I'd guess the chances of success as approximately the same as the probability, fifteen years ago, of the fall of communism or the election of a freely elected majority government in South Africa.

Clearly, an appropriate fulfillment of our responsibilities to the future is not assured. Still worse, it may be quite unlikely. But it is, at the very least, possible to some significant degree. And that is all that is required for conscientious moral agents to act.

Copyright, 1994, by Ernest Partridge


1. Garrett Hardin, "Who Cares for Posterity," in Partridge (ed.), Responsibilities to Future Generations, (Buffalo: Prometheus Books, 1981), p. 226.

2. See especially, my "Why Care About the Future?" in Responsibilities to Future Generations, op. cit., p. 203. Also, "On the Rights of Future Generations," in D. Scherer (ed), Upstream/Downstream: Issues in Environmental Ethics, (Philadelphia: Temple University Press, 1990), p. 40.

3. Here I am employing a theoretical device indispensable to the physical sciences, where we encounter such "ideal types" as "frictionless machine," "absolute zero" and "total vacuum" -- in all cases, "end limits" which are found nowhere in nature.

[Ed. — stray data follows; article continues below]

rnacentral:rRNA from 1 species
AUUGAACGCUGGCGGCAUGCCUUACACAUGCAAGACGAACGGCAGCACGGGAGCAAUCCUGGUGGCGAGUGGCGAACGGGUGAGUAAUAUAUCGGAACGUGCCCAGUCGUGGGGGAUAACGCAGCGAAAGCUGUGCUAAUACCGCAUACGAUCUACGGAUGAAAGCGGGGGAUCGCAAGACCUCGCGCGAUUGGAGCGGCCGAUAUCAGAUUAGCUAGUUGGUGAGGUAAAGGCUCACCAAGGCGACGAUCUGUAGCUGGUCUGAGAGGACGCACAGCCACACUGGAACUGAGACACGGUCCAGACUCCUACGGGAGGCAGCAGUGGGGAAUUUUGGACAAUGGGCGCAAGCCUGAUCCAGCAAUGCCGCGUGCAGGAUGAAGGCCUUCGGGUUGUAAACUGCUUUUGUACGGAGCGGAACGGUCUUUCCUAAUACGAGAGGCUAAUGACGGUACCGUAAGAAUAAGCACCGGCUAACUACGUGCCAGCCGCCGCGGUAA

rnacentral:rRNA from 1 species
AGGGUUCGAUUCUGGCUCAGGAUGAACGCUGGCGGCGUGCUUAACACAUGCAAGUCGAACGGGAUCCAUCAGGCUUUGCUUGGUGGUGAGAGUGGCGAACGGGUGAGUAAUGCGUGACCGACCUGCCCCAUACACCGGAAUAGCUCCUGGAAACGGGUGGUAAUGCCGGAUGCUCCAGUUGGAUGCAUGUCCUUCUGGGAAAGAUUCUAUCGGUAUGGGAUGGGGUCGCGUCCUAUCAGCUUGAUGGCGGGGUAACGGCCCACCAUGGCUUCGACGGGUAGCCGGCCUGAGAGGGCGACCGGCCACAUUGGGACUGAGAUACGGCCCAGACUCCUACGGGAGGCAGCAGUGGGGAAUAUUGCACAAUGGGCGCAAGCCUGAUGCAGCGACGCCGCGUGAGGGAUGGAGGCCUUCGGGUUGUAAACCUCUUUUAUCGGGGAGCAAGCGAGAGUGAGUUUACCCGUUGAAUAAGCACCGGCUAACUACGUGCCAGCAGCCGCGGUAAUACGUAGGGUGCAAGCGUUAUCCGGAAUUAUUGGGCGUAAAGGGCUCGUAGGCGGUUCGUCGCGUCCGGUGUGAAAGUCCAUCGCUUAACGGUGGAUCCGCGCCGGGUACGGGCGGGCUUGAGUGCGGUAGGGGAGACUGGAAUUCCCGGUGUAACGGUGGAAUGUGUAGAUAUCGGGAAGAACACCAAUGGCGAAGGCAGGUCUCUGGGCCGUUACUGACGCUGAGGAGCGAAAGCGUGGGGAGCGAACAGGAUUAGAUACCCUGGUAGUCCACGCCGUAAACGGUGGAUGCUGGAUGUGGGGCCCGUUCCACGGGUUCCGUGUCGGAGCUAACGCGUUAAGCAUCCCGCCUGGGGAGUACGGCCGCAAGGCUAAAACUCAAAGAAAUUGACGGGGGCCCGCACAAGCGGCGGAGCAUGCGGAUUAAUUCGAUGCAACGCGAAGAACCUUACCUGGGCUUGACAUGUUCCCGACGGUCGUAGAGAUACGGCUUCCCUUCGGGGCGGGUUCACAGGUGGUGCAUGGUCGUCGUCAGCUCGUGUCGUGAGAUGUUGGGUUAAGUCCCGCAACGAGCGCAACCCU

4. John Rawls, A Theory of Justice, (Harvard University Press, 1971), p. 285.

5. Ibid. p. 288.

6. This critique of Rawls's "Just Savings Principle," in particular the following account of "just anticipations," "just forbearances," and "just stewardship," is drawn from my unpublished paper, "Beyond Just Savings." A briefer version of that paper, which has its origins in my Doctoral Dissertation, Rawls and the Duty to Posterity, (University of Utah, 1976), was presented at the Pacific Division Meeting of the American Philosophical Association, March, 1978.

7. Environmental Ethics, 4:3, Fall, 1982, pp. 195-214. For other doubts about the motivation to care for the future, see Robert L. Heilbroner, "What Has Posterity Ever Done for Me?", and Thomas H. Thompson, "Are We Obligated to Future Others," both in my anthology, Responsibilities to Future Generations, op. cit..

8. "The Economics of the Coming Spaceship Earth," in The Environmental Handbook, ed. Garrett deBell, (New York: Ballantine, 1970), p. 99-100.

9. "Why Care About the Future?", in Responsibilities to Future Generations, op. cit.., pp. 203-220.

10. Primary Philosophy, (New York: McGraw-Hill), p. 240.

11. Care, op. cit., p. 213.

Dr. Ernest Partridge is a consultant, writer and lecturer in the field of Environmental Ethics and Public Policy. He has taught Philosophy at the University of California, and in Utah, Colorado and Wisconsin. He publishes the website, "The Online Gadfly" (www.igc.org/gadfly) and co-edits the progressive website, "The Crisis Papers" (www.crisispapers.org).  Dr. Partridge can be contacted at: gadfly@igc.org .